Today Tumblr announced a new policy against "self-harm" blogs, leading us to a sad, dark side of Tumblr we never wanted to know existed. From now on, Tumblr will moderate blogs that "glorify or promote anorexia, bulimia, and other eating disorders; self-mutilation; or suicide," the company explains on their staff blog. The subtext of a change in Tumblr's Content Policy means there are enough of these types of sites to warrant a big public to-do, and it's true we found many examples of such blogs on Tumblr. Here's just a sampling. It's not pretty -- continue at your own discretion (not all are SFW).
Glorified sickly bone structure:
Glorified forced vomiting:
Of course, this type of stuff has existed as far back as the anonymous Internet. (In Time in 2001, Jessica Reaves described the burgeoning trend using retro geocities-esque screengrabs). Tumblr, an easy to use and trendy blog platform, inherits this problem at this particular moment and has chosen a zero-tolerance way of banning it. They write, "Online dialogue about these acts and conditions is incredibly important; this prohibition is intended to reach only those blogs that cross the line into active promotion or glorification."
In addition to its ban, Tumblr will show public service announcements on search results for related keywords -- a link to the National Eating Disorder Helpline, for example.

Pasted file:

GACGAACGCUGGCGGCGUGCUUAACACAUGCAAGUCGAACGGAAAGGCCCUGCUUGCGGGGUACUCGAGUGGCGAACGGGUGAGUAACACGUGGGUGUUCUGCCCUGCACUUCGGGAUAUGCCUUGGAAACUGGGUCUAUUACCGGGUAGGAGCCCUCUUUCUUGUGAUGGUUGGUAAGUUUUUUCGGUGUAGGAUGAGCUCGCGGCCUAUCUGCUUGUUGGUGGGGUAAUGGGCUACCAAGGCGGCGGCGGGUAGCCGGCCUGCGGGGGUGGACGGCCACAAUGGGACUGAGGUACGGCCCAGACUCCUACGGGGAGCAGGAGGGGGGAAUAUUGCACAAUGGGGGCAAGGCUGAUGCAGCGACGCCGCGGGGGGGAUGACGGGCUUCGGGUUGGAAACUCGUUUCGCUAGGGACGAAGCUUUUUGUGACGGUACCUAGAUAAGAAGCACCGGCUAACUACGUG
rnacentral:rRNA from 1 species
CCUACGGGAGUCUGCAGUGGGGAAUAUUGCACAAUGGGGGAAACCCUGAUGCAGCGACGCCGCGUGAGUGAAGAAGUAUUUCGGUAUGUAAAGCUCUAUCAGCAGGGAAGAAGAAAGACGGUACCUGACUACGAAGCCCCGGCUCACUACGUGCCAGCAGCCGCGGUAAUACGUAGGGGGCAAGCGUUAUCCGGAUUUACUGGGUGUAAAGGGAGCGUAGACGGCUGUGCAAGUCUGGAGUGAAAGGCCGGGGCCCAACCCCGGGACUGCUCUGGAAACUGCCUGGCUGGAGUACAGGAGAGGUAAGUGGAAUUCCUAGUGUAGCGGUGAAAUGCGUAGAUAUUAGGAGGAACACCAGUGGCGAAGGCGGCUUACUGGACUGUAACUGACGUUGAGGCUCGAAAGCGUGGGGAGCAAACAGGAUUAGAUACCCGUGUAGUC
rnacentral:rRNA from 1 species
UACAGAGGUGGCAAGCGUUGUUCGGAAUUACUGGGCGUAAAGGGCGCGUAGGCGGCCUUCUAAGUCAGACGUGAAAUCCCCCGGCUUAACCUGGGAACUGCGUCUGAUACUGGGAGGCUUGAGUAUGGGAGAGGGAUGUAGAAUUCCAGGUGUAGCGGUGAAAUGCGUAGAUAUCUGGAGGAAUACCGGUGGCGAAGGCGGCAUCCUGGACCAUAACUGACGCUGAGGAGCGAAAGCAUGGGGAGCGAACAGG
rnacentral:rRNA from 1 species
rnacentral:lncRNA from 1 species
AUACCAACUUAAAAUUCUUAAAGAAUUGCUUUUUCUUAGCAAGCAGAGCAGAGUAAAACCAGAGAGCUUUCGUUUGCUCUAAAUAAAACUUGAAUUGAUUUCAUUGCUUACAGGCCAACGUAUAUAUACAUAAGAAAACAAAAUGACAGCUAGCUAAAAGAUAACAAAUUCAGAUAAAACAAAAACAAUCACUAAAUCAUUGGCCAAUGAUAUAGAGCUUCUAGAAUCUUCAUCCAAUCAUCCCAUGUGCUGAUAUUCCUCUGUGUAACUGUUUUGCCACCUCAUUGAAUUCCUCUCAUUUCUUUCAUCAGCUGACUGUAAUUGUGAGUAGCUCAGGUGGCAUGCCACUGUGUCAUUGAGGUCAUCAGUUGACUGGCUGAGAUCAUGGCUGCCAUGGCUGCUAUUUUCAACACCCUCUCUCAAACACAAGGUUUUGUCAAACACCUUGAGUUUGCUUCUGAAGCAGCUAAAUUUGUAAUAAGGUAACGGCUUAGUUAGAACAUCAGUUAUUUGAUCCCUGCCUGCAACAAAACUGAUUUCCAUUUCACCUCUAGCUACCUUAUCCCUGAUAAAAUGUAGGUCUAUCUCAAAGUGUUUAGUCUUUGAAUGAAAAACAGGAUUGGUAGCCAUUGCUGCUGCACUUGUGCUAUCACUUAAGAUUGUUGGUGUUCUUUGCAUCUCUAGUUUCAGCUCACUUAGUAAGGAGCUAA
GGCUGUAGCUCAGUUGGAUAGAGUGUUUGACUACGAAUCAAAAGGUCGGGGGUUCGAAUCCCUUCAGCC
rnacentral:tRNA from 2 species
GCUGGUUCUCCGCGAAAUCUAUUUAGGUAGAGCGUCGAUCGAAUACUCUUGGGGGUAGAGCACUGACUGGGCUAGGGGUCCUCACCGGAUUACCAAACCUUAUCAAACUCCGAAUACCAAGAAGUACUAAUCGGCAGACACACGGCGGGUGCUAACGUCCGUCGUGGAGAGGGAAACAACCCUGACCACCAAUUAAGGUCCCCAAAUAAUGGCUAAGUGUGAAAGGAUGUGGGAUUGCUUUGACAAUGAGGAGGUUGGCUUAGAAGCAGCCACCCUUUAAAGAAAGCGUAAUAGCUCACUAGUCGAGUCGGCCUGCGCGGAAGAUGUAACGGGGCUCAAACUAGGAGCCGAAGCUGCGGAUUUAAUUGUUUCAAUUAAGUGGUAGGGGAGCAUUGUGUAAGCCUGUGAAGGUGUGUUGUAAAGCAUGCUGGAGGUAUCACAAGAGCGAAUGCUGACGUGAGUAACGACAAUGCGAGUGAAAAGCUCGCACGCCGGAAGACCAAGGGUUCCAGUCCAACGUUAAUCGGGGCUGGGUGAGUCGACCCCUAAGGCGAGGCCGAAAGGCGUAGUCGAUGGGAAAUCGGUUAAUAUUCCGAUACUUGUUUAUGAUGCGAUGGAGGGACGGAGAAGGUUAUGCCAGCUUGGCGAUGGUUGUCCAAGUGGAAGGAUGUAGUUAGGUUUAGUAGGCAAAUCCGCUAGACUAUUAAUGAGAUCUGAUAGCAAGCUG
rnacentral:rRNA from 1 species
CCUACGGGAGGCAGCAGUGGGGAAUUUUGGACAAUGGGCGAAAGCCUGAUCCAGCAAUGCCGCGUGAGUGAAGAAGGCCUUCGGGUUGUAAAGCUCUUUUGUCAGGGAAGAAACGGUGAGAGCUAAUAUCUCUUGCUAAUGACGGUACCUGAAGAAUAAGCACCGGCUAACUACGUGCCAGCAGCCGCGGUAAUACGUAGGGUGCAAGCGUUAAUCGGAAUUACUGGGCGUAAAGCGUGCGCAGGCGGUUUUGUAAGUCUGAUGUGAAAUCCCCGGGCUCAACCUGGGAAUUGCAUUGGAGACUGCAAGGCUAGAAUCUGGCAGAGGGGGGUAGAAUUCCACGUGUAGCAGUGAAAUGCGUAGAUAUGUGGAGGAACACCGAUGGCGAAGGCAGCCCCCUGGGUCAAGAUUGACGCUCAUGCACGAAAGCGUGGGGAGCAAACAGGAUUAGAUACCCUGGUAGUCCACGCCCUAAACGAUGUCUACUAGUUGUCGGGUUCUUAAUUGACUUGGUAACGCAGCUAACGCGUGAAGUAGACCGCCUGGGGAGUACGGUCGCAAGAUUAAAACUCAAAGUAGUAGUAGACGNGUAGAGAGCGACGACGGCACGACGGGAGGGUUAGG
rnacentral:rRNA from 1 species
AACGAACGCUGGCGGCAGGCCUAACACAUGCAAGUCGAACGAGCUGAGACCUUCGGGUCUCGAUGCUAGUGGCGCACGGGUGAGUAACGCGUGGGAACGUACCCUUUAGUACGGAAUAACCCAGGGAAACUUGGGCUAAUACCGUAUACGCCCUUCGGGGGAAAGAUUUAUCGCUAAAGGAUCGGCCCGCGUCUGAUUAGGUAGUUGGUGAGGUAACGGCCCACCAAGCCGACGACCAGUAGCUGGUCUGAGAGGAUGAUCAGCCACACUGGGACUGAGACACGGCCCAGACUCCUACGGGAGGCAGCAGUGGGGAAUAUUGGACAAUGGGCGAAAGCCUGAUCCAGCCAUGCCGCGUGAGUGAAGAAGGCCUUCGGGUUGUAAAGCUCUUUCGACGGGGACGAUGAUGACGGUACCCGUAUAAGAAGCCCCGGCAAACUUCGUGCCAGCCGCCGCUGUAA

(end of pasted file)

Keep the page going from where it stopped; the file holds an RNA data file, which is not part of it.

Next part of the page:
Tumblr plans on implementing these policies next week: "If you are found to be in violation of any of the below policies, you will receive a notice via email. Unless you explain or correct your behavior within 72 hours, your account will be suspended." Some people do not approve. From one angry Tumblrer:
I just want everyone who supports tumblrs new policy to realize what Tumblr perceives as a "problem" and what they believe is the "proper way to handle it"
Have a legitimate issue and use tumblr as a way to vent and talk about?
Tumblr: WOAH NO! That’s disgusting and wrong. We best ban you, cause that SURE WILL help you get better.
Others have joined in, calling the policy censorship and a worthless way to "help" people who use these sites as a way to vent. They may have something of a point. But, sadly, given the lengthy history of such content on the Internet, we imagine these folks will simply migrate to another easy-to-use, trendy forum. Pinterest, perhaps?
This article is from the archive of our partner The Wire.
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